How to Open, Edit, and Convert LZH Files

What to Know

This article explains what an LZH file is and how to open or convert one.

What Is an LZH File?

A file with the LZH file extension is an LZH Compressed file that's been compressed with the Lempel-Ziv and Haruyasu algorithm, which are the names of the algorithm's inventors.

The format is popular in Japan but not really anywhere else. It's been used to compress video game installation files, like those in id Software's Doom and Quake, as well as used as the archive format in the Amiga computer.

LZH files are like other compression formats (e.g., ZIP, 7Z, RAR) in that their purpose is twofold: reduce the size of files and hold multiple files together in one single archive.

This format has basically replaced the original LHARC Compressed Archive (.LHA) format—previously named LHarc and then LH—that it was originally based on.

How to Open an LZH File

Japanese versions of the Windows operating system include an add-on to natively support LZH files without having to use any extra software. But if you're running a non-Japanese version, you can still open the LZH file using third-party software.

We know of several programs that can do this. Our favorites are 7-Zip and PeaZip, (which both support the LHA format too), but there are others out there, too.

You should also be able to open one on non-Japanese Windows installs without these programs, so long as you install the add-on called Microsoft Compressed (LZH) Folder Add-on. You can get this through Windows Update with the Japanese language pack, but you must be using an Enterprise or Ultimate version of Windows 7 to do this.

If you find that an application on your PC does try to open the file, but it's the wrong application or you'd rather have another installed program open it, you can change the default program that opens LZH files.

How to Convert an LZH File

It's rarely a necessary task to convert an archive file format like LZH to another type of archive because it's unlikely that you want to save the actual archive, as a whole, to another format. It's more likely that there's a file inside the archive that you want to be in a different format.

Maybe you have some PDFs inside the archive, for example, in which case converting the entire LZH file to some other archive format wouldn't accomplish much. What you'd want to do instead is extract the PDFs out of the archive and then convert those files. In this instance, you'd use a document file converter, but other types exist, too, for videos, images, etc.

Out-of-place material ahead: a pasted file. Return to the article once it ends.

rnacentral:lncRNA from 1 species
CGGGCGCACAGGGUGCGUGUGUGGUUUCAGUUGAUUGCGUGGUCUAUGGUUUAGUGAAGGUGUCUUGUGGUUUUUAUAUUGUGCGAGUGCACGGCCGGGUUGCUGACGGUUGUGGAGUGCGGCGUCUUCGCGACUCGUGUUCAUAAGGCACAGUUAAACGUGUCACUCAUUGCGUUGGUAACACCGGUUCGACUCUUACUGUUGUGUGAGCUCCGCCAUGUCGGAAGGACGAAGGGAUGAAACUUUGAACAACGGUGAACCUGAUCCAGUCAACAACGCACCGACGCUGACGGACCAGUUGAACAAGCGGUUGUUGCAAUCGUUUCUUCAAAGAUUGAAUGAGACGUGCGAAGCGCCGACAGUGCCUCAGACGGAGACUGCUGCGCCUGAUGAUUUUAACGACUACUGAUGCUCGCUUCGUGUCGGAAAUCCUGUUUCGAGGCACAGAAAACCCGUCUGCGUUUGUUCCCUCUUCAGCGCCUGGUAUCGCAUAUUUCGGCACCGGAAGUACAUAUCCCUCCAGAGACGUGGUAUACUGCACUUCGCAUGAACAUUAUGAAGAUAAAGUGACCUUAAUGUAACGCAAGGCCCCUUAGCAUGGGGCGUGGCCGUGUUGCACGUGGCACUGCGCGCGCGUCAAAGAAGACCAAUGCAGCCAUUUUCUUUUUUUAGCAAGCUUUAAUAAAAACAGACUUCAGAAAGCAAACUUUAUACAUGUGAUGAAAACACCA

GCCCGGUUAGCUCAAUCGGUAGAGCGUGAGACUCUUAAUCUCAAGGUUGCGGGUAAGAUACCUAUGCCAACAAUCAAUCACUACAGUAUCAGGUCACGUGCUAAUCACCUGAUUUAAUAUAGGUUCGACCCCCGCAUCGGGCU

However, we do know of a couple converters that can save the LZH file to a similar format like ZIP, 7Z, CAB, TAR, YZ1, GZIP, BZIP2, TBZ, etc. Just remember that doing this does not convert the files inside (which is likely what you want to do), but instead just converts the archive file itself.

FileZigZag and Zamzar are two online file converters that can do this. With these tools, you have to first upload the file to one of those websites before you can convert it, after which you have to then download the file back to your computer before you can use it.

Still Can't Open It?

Remember that in order to access a file inside the archive, you have to extract it out first. Most image viewers, for example, don't let you open a JPG file if it's inside an LZH file. To make it work, you need to get the image out of the archive first so that it's by itself. It's only then that your average image file opener will recognize the format.

The next likely reason for why you can't open it is because you're mixing it up with another file that uses a similar file extension. There are several examples of this with all kinds of files, not just ones that end with LZH. When you try this, you'll get an error because the program you're trying to use isn't compatible with that specific file format.

For example, LHZD is an extension that looks similar, but it's actually reserved for Live Home 3D compressed project files. In this case, you need Live Home 3D installed on your computer before that file will open.

Another example is the Need for Speed game data archive format. These files end in LZC, and while they are archives, you probably need a very specific app to open them, like SpeedReflect Binary.

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